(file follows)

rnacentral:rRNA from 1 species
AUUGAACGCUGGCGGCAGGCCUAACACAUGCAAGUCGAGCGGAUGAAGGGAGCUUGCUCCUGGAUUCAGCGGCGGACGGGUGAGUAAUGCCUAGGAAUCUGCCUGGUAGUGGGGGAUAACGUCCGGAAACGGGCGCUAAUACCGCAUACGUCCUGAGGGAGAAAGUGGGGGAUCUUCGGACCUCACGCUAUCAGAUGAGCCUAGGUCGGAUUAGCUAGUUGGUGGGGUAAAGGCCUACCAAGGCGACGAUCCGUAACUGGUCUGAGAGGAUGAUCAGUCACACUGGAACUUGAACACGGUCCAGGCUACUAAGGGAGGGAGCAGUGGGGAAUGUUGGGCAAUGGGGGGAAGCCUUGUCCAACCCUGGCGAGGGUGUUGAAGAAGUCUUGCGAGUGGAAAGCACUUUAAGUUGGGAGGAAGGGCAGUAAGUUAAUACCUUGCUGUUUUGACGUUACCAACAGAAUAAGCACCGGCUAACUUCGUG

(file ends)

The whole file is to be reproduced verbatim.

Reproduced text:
rnacentral:rRNA from 1 species
AUUGAACGCUGGCGGCAGGCCUAACACAUGCAAGUCGAGCGGAUGAAGGGAGCUUGCUCCUGGAUUCAGCGGCGGACGGGUGAGUAAUGCCUAGGAAUCUGCCUGGUAGUGGGGGAUAACGUCCGGAAACGGGCGCUAAUACCGCAUACGUCCUGAGGGAGAAAGUGGGGGAUCUUCGGACCUCACGCUAUCAGAUGAGCCUAGGUCGGAUUAGCUAGUUGGUGGGGUAAAGGCCUACCAAGGCGACGAUCCGUAACUGGUCUGAGAGGAUGAUCAGUCACACUGGAACUUGAACACGGUCCAGGCUACUAAGGGAGGGAGCAGUGGGGAAUGUUGGGCAAUGGGGGGAAGCCUUGUCCAACCCUGGCGAGGGUGUUGAAGAAGUCUUGCGAGUGGAAAGCACUUUAAGUUGGGAGGAAGGGCAGUAAGUUAAUACCUUGCUGUUUUGACGUUACCAACAGAAUAAGCACCGGCUAACUUCGUG